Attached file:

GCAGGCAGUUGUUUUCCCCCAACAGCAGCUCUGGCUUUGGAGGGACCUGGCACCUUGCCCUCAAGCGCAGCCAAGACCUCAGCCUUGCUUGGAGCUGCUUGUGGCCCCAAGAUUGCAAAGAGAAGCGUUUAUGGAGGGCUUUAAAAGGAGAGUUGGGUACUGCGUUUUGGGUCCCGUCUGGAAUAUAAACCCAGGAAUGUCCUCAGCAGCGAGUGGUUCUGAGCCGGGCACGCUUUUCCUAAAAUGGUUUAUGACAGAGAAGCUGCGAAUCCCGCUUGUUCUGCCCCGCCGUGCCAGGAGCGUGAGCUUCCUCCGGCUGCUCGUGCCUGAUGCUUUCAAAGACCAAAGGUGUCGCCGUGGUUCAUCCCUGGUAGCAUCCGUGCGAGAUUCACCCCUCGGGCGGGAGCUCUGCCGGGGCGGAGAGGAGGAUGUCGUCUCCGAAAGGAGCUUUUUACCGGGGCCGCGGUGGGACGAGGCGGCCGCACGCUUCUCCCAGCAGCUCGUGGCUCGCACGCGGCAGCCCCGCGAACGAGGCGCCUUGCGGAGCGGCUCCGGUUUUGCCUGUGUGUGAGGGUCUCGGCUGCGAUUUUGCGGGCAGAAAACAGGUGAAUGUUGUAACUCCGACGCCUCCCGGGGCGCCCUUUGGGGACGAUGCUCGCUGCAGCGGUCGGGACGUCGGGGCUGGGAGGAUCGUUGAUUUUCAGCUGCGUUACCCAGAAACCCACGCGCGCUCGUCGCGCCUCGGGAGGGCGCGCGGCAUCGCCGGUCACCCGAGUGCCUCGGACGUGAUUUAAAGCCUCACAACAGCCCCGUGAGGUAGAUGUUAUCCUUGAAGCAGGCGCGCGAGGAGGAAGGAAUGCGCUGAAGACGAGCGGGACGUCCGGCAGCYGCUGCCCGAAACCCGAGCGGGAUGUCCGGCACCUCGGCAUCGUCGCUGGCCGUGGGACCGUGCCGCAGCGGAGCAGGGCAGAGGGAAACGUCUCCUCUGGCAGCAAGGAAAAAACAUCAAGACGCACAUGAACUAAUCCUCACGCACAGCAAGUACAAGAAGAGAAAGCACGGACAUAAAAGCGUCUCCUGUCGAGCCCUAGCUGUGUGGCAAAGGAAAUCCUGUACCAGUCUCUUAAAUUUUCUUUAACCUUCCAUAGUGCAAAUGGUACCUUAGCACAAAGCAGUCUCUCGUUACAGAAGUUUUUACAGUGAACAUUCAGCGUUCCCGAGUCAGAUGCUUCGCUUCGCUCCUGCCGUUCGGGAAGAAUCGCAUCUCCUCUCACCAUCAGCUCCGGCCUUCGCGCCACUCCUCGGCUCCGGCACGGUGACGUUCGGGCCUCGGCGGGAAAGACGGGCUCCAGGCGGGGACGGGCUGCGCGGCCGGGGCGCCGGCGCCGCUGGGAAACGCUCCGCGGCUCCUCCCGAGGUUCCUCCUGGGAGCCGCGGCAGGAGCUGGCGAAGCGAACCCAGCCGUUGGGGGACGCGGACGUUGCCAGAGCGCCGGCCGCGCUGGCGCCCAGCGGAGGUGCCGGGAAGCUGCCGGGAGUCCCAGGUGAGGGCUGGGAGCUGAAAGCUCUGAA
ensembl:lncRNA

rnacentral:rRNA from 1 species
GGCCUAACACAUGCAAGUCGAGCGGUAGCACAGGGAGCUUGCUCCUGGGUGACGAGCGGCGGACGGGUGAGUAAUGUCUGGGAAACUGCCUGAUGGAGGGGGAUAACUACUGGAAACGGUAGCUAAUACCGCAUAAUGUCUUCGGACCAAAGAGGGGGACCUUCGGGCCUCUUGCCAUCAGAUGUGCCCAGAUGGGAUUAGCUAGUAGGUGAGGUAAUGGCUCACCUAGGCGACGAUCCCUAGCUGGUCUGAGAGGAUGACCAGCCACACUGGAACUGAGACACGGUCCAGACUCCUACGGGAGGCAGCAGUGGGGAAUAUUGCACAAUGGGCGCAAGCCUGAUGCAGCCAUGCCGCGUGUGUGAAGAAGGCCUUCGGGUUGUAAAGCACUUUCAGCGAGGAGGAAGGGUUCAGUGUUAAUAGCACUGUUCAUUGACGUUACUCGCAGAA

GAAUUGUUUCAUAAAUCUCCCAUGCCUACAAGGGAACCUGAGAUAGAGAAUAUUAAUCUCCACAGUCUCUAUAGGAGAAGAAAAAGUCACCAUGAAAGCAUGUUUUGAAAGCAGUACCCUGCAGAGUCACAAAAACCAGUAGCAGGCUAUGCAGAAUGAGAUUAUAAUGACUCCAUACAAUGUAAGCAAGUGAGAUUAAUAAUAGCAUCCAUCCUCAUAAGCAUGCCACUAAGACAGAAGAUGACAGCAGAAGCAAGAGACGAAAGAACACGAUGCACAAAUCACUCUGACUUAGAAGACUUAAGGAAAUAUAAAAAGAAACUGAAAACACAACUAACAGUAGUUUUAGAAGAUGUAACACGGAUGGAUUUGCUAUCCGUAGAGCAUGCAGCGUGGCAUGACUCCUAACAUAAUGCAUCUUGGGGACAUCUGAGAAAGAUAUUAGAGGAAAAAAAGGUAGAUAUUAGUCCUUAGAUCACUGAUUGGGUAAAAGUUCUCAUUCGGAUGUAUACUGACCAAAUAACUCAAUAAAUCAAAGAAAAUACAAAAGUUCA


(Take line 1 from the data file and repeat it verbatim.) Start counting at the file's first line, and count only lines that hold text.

GCAGGCAGUUGUUUUCCCCCAACAGCAGCUCUGGCUUUGGAGGGACCUGGCACCUUGCCCUCAAGCGCAGCCAAGACCUCAGCCUUGCUUGGAGCUGCUUGUGGCCCCAAGAUUGCAAAGAGAAGCGUUUAUGGAGGGCUUUAAAAGGAGAGUUGGGUACUGCGUUUUGGGUCCCGUCUGGAAUAUAAACCCAGGAAUGUCCUCAGCAGCGAGUGGUUCUGAGCCGGGCACGCUUUUCCUAAAAUGGUUUAUGACAGAGAAGCUGCGAAUCCCGCUUGUUCUGCCCCGCCGUGCCAGGAGCGUGAGCUUCCUCCGGCUGCUCGUGCCUGAUGCUUUCAAAGACCAAAGGUGUCGCCGUGGUUCAUCCCUGGUAGCAUCCGUGCGAGAUUCACCCCUCGGGCGGGAGCUCUGCCGGGGCGGAGAGGAGGAUGUCGUCUCCGAAAGGAGCUUUUUACCGGGGCCGCGGUGGGACGAGGCGGCCGCACGCUUCUCCCAGCAGCUCGUGGCUCGCACGCGGCAGCCCCGCGAACGAGGCGCCUUGCGGAGCGGCUCCGGUUUUGCCUGUGUGUGAGGGUCUCGGCUGCGAUUUUGCGGGCAGAAAACAGGUGAAUGUUGUAACUCCGACGCCUCCCGGGGCGCCCUUUGGGGACGAUGCUCGCUGCAGCGGUCGGGACGUCGGGGCUGGGAGGAUCGUUGAUUUUCAGCUGCGUUACCCAGAAACCCACGCGCGCUCGUCGCGCCUCGGGAGGGCGCGCGGCAUCGCCGGUCACCCGAGUGCCUCGGACGUGAUUUAAAGCCUCACAACAGCCCCGUGAGGUAGAUGUUAUCCUUGAAGCAGGCGCGCGAGGAGGAAGGAAUGCGCUGAAGACGAGCGGGACGUCCGGCAGCYGCUGCCCGAAACCCGAGCGGGAUGUCCGGCACCUCGGCAUCGUCGCUGGCCGUGGGACCGUGCCGCAGCGGAGCAGGGCAGAGGGAAACGUCUCCUCUGGCAGCAAGGAAAAAACAUCAAGACGCACAUGAACUAAUCCUCACGCACAGCAAGUACAAGAAGAGAAAGCACGGACAUAAAAGCGUCUCCUGUCGAGCCCUAGCUGUGUGGCAAAGGAAAUCCUGUACCAGUCUCUUAAAUUUUCUUUAACCUUCCAUAGUGCAAAUGGUACCUUAGCACAAAGCAGUCUCUCGUUACAGAAGUUUUUACAGUGAACAUUCAGCGUUCCCGAGUCAGAUGCUUCGCUUCGCUCCUGCCGUUCGGGAAGAAUCGCAUCUCCUCUCACCAUCAGCUCCGGCCUUCGCGCCACUCCUCGGCUCCGGCACGGUGACGUUCGGGCCUCGGCGGGAAAGACGGGCUCCAGGCGGGGACGGGCUGCGCGGCCGGGGCGCCGGCGCCGCUGGGAAACGCUCCGCGGCUCCUCCCGAGGUUCCUCCUGGGAGCCGCGGCAGGAGCUGGCGAAGCGAACCCAGCCGUUGGGGGACGCGGACGUUGCCAGAGCGCCGGCCGCGCUGGCGCCCAGCGGAGGUGCCGGGAAGCUGCCGGGAGUCCCAGGUGAGGGCUGGGAGCUGAAAGCUCUGAA